Wednesday 17 January 2001
District of Columbia
I don’t even know where to begin with this quote from the Washington Post, Jan 1, 2001:
Senators Spar Over D.C. Voting Rights Two U.S. senators took opposing views yesterday before a national audience on the issue of voting rights for the District. Senate Minority Leader Thomas A. Daschle (D-S.D.) said on NBC’s "Meet the Press" that Congress must find a way to allow representation for the District in the House and Senate. He said statehood is a possibility that should be explored. But Sen. Don Nickles (R-Okla.) said statehood is not an option. The District could be considered part of Maryland during national elections, he said, but it would be a "serious mistake" to allow statehood. Nickles said the District does not have a large enough population to deserve two senators.
(emphasis added by Tino)
Of course, the humor there is that Washington, D.C. has a larger population than Wyoming, and possibly Montana.
I ultimately like Washington, something that will astound many. It’s not easy to get me to venture into that city, mainly because it’s a pain in the ass.
But it’s a very nice city, on a relatively human scale, and some of the things that make it a pain in the ass (very few freeways, for one) are also part of what makes it a good place.
It’s a terribly mismanaged place, of course; this is the cause of the slums you see on TV every so often, and the crime statistics you hear about.
Tony Williams, the mayor who came in vowing to give a damn and to end the Marion Berry years of apathy, has just about given up. He’s finally realized that it’s an impossible task, managing D.C. Instead of trying, he’s now pulling Marion Berry stunts; for instance, the D.C. government recently changed the motto on its license plates from "Celebrate & Discover" (itself horrible) to "TAXATION WITHOUT REPRESENTATION".
Which is a good point, and what this complaint is all about.
D.C. is a strange place. Originally, it was ten miles square; since Arlington was ceded back to Virginia in 1847, it’s less — about 70 square miles. About 1/3 of it is downtown DC: much of what you see pictured on the back of U.S. currency is in downtown DC. Not many people live there; much of the center of Washington, like the centers of most American cities, is deserted at night.
About 1/3 of Washington is Anacostia. While Washington is and has long been a Black-majority city, Anacostia stands out as being exceptionally Black. There are a few middle-class areas in Anacostia, and even some very wealthy enclaves, Anacostia is in general very, very poor. The unemployment rate there hovers around 20% — when the rest of the U.S. is at something like 2.1% (and 2.1% in the U.S. unemployment statistics is totally insignificant — it’s just noise).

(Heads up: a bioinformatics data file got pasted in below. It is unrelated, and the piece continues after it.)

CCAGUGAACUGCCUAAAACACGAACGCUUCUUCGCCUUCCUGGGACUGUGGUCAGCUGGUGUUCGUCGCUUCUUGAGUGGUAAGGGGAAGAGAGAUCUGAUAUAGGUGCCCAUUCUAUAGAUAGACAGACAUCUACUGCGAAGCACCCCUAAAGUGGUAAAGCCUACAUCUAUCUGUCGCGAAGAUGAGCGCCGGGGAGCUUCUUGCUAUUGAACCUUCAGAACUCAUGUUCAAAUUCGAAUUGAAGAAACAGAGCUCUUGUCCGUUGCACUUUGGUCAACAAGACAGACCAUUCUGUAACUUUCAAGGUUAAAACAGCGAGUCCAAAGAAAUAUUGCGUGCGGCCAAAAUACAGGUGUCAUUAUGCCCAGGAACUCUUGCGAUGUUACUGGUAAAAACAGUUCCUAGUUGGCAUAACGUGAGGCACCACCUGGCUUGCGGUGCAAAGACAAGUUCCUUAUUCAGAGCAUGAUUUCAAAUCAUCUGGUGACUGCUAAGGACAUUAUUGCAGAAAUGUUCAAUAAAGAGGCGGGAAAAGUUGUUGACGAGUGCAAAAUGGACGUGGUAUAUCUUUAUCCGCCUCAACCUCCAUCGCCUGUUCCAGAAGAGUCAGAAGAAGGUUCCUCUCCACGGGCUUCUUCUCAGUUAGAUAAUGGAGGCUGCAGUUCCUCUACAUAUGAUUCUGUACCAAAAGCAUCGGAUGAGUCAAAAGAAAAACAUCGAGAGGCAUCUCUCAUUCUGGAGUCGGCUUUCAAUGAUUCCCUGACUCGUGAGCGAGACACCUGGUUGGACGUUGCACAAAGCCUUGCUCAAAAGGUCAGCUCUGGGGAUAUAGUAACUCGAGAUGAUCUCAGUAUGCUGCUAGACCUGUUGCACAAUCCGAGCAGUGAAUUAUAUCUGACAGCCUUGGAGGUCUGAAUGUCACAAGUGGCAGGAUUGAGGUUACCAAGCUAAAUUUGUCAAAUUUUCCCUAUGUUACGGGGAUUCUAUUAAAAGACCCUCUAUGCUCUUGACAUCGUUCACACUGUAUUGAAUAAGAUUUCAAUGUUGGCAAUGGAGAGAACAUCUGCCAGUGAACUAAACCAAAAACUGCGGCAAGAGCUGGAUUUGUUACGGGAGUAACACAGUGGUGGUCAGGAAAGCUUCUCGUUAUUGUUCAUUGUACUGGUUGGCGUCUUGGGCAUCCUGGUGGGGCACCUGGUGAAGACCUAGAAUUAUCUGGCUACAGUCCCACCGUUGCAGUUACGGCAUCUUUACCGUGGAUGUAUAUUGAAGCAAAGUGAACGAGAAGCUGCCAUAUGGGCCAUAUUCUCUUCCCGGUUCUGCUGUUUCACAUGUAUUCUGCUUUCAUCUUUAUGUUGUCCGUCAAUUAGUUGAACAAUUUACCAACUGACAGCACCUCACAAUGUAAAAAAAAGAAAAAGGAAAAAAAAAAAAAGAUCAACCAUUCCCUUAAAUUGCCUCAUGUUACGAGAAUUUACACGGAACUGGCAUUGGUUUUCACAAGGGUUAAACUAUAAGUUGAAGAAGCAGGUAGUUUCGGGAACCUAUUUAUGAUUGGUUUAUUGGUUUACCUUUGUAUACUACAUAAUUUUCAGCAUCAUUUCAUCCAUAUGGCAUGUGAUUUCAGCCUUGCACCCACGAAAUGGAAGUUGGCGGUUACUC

And the other third of Washington is the western third. The western third of Washington encompasses places Georgetown, Dupont Circle, and a bunch of neighborhoods with names that will not be familiar to you unless you live in or near Washington, which I will lump together as "upper Northwest". Statistically, upper northwest DC is one of the richest places on Earth. DC has a higher per-capita income than any other city in the U.S., despite the fact that the unemployment rate in the city rarely drops below 15%. Upper Northwest is where Washington’s small "middle class" tends to live. Washington’s middle class is made up of people like Congressmen, Senators, Alan Greenspan, etc. They wouldn’t be middle-class anywhere else, though; they live in $700,000 houses, drive Volvos and Mercedeses, frequently have vacation houses, etc. Anywhere else (except maybe New York), they’d be considered rich.
They’re not considered rich in Washington, though, because that title is reserved for the elite of the lobbyists, the TV stars, the royalty who maintain houses here, etc.: the people who count their income in millions of dollars a year. There aren’t many of these, anywhere, but then it doesn’t take many.
So: Washington is populated by poor people, rich people, a very few middle-class people, the U.S. government, and a whole bunch of non-profit organizations.
Poor people don’t pay taxes. Rich people don’t pay taxes in anything like the amounts middle-class people do (the rich have better shelters for their income, and they take up more space, so there are always fewer of them per square mile). Non-profit institutions don’t pay taxes. And the U.S. government certainly doesn’t pay taxes (though it does fork over certain amounts of money to D.C. in return for "services" like paving the roads).
So D.C. is in the position of having to tax the hell out of anyone who does pay taxes. As a result, since World War II, D.C.’s population has steadily dropped.
Of the fifty-two jurisdictions reported in the 2000 census (the states, plus Puerto Rico and D.C.), D.C. is the only one that did not gain population since 1990.
Eventually, there will only be one person left living in Washington, and at the end of the year he’ll be presented with a bill for the entire cost of operating the city. And then he’ll skip town without paying.